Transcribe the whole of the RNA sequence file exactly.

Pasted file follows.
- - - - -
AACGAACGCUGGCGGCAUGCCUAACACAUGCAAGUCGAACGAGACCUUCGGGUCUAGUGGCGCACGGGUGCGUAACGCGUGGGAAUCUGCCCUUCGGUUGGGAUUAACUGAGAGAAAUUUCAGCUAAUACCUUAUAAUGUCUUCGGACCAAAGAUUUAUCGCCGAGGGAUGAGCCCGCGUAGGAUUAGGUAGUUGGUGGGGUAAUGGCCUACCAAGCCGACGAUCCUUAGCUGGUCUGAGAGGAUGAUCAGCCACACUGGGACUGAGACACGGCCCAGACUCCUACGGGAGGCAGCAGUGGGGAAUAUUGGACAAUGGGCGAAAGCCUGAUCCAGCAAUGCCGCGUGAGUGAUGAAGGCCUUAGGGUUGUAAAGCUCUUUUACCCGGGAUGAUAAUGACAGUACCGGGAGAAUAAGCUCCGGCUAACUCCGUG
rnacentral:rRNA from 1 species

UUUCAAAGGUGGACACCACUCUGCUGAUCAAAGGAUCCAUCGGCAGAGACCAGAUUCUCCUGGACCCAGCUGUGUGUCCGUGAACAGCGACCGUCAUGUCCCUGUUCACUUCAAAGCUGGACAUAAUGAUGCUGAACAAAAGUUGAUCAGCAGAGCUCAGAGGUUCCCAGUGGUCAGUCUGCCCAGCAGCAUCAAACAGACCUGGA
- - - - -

AACGAACGCUGGCGGCAUGCCUAACACAUGCAAGUCGAACGAGACCUUCGGGUCUAGUGGCGCACGGGUGCGUAACGCGUGGGAAUCUGCCCUUCGGUUGGGAUUAACUGAGAGAAAUUUCAGCUAAUACCUUAUAAUGUCUUCGGACCAAAGAUUUAUCGCCGAGGGAUGAGCCCGCGUAGGAUUAGGUAGUUGGUGGGGUAAUGGCCUACCAAGCCGACGAUCCUUAGCUGGUCUGAGAGGAUGAUCAGCCACACUGGGACUGAGACACGGCCCAGACUCCUACGGGAGGCAGCAGUGGGGAAUAUUGGACAAUGGGCGAAAGCCUGAUCCAGCAAUGCCGCGUGAGUGAUGAAGGCCUUAGGGUUGUAAAGCUCUUUUACCCGGGAUGAUAAUGACAGUACCGGGAGAAUAAGCUCCGGCUAACUCCGUG
rnacentral:rRNA from 1 species

UUUCAAAGGUGGACACCACUCUGCUGAUCAAAGGAUCCAUCGGCAGAGACCAGAUUCUCCUGGACCCAGCUGUGUGUCCGUGAACAGCGACCGUCAUGUCCCUGUUCACUUCAAAGCUGGACAUAAUGAUGCUGAACAAAAGUUGAUCAGCAGAGCUCAGAGGUUCCCAGUGGUCAGUCUGCCCAGCAGCAUCAAACAGACCUGGA